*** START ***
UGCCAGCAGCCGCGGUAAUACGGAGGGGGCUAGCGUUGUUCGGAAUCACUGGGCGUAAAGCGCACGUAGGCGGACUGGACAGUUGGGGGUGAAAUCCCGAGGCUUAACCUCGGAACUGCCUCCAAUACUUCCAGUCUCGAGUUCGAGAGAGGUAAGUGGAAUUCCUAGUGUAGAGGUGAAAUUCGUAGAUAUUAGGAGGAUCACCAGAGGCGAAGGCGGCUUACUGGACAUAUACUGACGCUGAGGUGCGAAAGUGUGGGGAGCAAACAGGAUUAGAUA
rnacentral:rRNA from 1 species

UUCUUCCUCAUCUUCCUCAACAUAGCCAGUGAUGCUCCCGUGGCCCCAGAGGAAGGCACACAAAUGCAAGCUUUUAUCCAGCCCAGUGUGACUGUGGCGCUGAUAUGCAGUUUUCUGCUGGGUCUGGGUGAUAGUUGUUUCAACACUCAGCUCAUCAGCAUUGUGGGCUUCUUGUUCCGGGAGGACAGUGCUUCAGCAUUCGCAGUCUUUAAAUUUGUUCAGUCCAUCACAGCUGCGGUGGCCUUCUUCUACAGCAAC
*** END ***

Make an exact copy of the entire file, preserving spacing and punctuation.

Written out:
UGCCAGCAGCCGCGGUAAUACGGAGGGGGCUAGCGUUGUUCGGAAUCACUGGGCGUAAAGCGCACGUAGGCGGACUGGACAGUUGGGGGUGAAAUCCCGAGGCUUAACCUCGGAACUGCCUCCAAUACUUCCAGUCUCGAGUUCGAGAGAGGUAAGUGGAAUUCCUAGUGUAGAGGUGAAAUUCGUAGAUAUUAGGAGGAUCACCAGAGGCGAAGGCGGCUUACUGGACAUAUACUGACGCUGAGGUGCGAAAGUGUGGGGAGCAAACAGGAUUAGAUA
rnacentral:rRNA from 1 species

UUCUUCCUCAUCUUCCUCAACAUAGCCAGUGAUGCUCCCGUGGCCCCAGAGGAAGGCACACAAAUGCAAGCUUUUAUCCAGCCCAGUGUGACUGUGGCGCUGAUAUGCAGUUUUCUGCUGGGUCUGGGUGAUAGUUGUUUCAACACUCAGCUCAUCAGCAUUGUGGGCUUCUUGUUCCGGGAGGACAGUGCUUCAGCAUUCGCAGUCUUUAAAUUUGUUCAGUCCAUCACAGCUGCGGUGGCCUUCUUCUACAGCAAC